Darryl D’Monte, July 10, 2015
At a public meeting convened by the Mumbai Waterfronts Centre (MWC) on June 24, the Dutch Consul in Mumbai, Arend Gouw, said that the city’s ambitious, expensive Rs 11,300-crore coastal road, if not planned properly, would “homogenise” the coast.
He then corrected this to “destroy”.
On June 5, Dutch Prime Minister Mark Rutte attended a meeting with Maharashtra Chief Minister Devendra Fadnavis, where he announced Dutch technical assistance for the 34.6-km-long road—53 years after it was first planned—to be built at a cost of Rs 322 crore per km, or only Rs 28-crore per km less than Mumbai’s future Metro lines.
Holland has considerable experience in reclaiming land from the sea, but it does that to protect the coastal areas, vast tracts of which lie below the sea.
Rutte and other Dutch experts mentioned that in Holland, the government always considers the views of stakeholders before finalising a project. This saves both time and money.
The reverse has occurred with Mumbai’s coastal highway.
Make the plan, then call for comments
Dutch experts suggested incorporating the third Metro line, which traverses much of the route along the west coast, in the road. Fadnavis welcomed the proposal and is taking it further.
Mumbai Metro Rail officials present also pointed out that this Metro route was already finalised and in any case, a Metro along the sea wouldn’t be connected with existing rail and Metro lines inland.
Although the consultants presented the detailed project report (DPR) on the road on Mumbai’s western seafront this February, the municipal corporation only made it public on June 24.
This was after Union environment minister Prakash Javadekar cleared the road, connecting Nariman Point in south Mumbai to Kandiva li in the northern suburbs, on June 8, subject to two conditions:
One, to reclaim as little land for the project; such reclamation was halted in 1974 after protests by environmentalists.
Second, to retain the current building restrictions under the Coastal Regulation Zone (CRZ). These prohibit construction within 500 metres of the high-tide line.
Since the road will be constructed some 100-200 metres off the coast, there was the danger that the high-tide line would have been pushed back by that much, permitting construction on some of India’s most expensive real estate.
Activists attended a meeting convened by the MWC on July 3 to list their objections to the project, originally mooted by Los Angeles-based planners in 1962.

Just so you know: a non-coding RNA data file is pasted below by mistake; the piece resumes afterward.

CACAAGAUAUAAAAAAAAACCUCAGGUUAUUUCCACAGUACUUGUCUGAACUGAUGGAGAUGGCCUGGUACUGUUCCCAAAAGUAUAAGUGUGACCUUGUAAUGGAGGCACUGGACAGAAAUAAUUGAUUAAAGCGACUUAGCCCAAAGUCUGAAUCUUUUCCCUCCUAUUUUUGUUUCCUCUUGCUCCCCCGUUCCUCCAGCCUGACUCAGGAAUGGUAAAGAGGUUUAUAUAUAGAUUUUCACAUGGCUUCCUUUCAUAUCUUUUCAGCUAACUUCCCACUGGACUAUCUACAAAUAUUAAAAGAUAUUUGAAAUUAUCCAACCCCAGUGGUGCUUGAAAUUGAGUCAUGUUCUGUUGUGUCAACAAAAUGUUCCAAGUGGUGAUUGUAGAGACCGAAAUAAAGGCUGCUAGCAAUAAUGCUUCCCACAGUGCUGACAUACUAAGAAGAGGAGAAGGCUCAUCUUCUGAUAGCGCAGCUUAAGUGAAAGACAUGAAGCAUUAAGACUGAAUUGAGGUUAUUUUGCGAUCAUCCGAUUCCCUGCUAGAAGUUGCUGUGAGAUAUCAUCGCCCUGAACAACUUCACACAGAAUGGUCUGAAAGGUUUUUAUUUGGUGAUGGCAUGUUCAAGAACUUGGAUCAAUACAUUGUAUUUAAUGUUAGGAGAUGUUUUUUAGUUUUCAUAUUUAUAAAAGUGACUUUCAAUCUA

The DPR reveals the lack of institutional support for a coherent mobility policy, according to Rishi Aggarwal from the Observer Research Foundation.
How car traffic to downtown Mumbai is drying up
A Unified Metropolitan Transport Authority (UMTA) was set up in 2008, but various agencies planned stand-alone projects without consulting each other.
In its current avatar, the coastal road was conceived by former Chief Minister Prithviraj Chouhan and was to be built originally by the state government. However, the BJP coalition in the state has handed it over to the municipal corporation, the long-time fiefdom of its political partner, the Shiv Sena.
The authorities should have identified earlier road projects, including tunnels, which have not been executed, before taking on a project that will change the face of the city, Aggarwal said.
What is the coastal road for, asked Hussain Indorewalla, a professor of the Kamala Raheja College of Architecture. While Javadekar said that the coastal road is meant to decongest the city, Indorewalla believed it would be counter-productive.
When Nitin Gadkari was the PWD minister in the BJP-Sena coalition in the state in the early 1990s, he built 55 flyovers in Mumbai. While these eased traffic temporarily, the number of cars increased, creating traffic snarls.
The DPR itself cites how due to the global economic downturn, the population growth of Mumbai has slowed perceptibly. Between 2001 and 2011, the city only grew by 500,000 people.
It shows that the growth in car traffic will peak at 3% per annum between 2015 and 2019, slowing down to 0.3% between 2040 and 2043, an average of only 1.7% in these 28 years.
It estimated a maximum of 34,090 cars per day in 2014 through the existing Bandra-Worli Sea Link (BWSL), which was built in 2009 and will be connected to the road. This dropped to 11,378 cars at its southernmost section at Nariman Point.
In 2044, it estimated at most 61,749 cars a day at BWSL, dropping to 27,616 at Nariman Point.
Nariman Point and south Mumbai are losing their clout as the old central business district. They are ceding ground to the Bandra-Kurla Complex, where real estate prices are higher. Other centres have opened up in the suburbs too for IT and other industries.